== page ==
Chow Town

Overland Park’s Burg and Barrel nails neighborhood hangout vibe

Quaintly tucked away on 76th Street in downtown Overland Park, Burg and Barrel has the perfect set up to be a great neighborhood pub.

Just off of Metcalf Avenue, you almost have to hear about it to know about it.

Above the blue shingles and carrot orange stamped logo explains the entire concept, Burg and Barrel. This place does great burgers and celebrates everything in a barrel.

Craft beer signs decorate the wheat colored walls and the rafters are embellished with beer taps. Wooden barrel tops are intermingled along the walls paying homage to its 41 different whiskey and bourbons. This is where “Barrel” comes in to play.

A familiar classic rock song had me humming while I gazed across the drink menu. Immediately I recognized the importance of this document.

Each beer states the place of origin, percentage of alcohol and the international bitters unit (IBU). The last two I have never taken into account. The IBU rating gives the reader an estimate on the


of the beer, or the bitterness and other flavor profiles like floral and earthiness.

Good beer choices are a must as beer pairings are intermingled throughout the food menu.

The Burg part of the name reflects the wide selection of 100 percent Angus burgers with various toppings between a buttered and griddled bun. I noshed on the mushroom burger with fresh mozzarella, sautéed red onion, garlicky pesto and arugula, paired with a stout beer.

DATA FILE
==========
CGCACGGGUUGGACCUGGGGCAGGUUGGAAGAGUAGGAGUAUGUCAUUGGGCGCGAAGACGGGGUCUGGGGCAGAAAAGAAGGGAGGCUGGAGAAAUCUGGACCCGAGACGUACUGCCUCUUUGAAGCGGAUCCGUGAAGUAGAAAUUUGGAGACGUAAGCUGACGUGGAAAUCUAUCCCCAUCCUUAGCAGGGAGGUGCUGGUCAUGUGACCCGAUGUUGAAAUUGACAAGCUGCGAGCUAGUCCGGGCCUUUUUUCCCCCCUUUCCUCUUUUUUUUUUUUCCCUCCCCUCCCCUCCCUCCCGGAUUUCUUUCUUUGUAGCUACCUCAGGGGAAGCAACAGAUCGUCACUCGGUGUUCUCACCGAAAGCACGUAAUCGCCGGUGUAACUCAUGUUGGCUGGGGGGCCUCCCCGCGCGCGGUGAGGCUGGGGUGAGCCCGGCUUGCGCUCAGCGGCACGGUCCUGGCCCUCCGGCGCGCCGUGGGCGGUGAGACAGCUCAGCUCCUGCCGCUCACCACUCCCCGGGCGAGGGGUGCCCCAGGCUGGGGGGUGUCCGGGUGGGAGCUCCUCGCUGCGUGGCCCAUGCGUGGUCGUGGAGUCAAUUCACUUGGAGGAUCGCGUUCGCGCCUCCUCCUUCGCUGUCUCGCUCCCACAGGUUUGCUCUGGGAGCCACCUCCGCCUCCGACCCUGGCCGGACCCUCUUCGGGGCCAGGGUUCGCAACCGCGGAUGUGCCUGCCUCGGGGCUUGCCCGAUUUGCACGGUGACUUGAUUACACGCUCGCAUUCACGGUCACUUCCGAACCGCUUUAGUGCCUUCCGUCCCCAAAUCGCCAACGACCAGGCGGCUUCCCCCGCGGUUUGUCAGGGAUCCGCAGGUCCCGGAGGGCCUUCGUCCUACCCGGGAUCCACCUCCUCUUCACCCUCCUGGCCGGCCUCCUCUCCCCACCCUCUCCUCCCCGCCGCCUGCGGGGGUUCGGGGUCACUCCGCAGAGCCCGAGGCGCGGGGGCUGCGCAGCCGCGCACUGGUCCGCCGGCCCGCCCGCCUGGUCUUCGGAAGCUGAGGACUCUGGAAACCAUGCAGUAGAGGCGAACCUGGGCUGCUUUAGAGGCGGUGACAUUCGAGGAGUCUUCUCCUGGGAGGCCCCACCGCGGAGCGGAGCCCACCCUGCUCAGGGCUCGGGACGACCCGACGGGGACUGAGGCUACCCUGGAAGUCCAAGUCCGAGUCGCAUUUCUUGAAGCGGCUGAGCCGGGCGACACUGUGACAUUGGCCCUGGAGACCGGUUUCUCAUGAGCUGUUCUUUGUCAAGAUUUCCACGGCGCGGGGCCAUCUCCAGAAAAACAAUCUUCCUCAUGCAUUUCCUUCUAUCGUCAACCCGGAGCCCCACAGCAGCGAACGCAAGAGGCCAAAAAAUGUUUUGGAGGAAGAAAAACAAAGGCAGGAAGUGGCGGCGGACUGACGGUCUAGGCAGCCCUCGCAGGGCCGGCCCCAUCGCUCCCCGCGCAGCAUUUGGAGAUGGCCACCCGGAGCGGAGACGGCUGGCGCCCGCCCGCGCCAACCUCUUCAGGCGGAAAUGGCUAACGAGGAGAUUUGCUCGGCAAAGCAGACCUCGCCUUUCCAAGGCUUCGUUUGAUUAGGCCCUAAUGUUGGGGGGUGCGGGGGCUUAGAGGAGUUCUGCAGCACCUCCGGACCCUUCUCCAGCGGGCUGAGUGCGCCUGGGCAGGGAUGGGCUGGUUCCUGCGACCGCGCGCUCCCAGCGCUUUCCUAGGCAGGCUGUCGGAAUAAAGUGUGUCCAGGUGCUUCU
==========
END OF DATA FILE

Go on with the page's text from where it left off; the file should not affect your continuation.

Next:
For dessert, nothing short of an adult style ice cream float. Vanilla ice cream scooped into an oversized glass with chocolate sauce, and stout beer. It was dreamy good.

Burg and Barrel has nailed the neighborhood hangout vibe, while serving quality food, great whiskey and craft beers.

Other fun stuff about

Burg and Barrel

, they are celebrating its first anniversary in February, a perfect time to check them out.

Renee Kelly is the owner of Renee Kelly’s Harvest in Johnson County. Her passion lies in changing the food system, one plate at a time. Her inspiration is Mother nature and the many growers in the Kansas City area.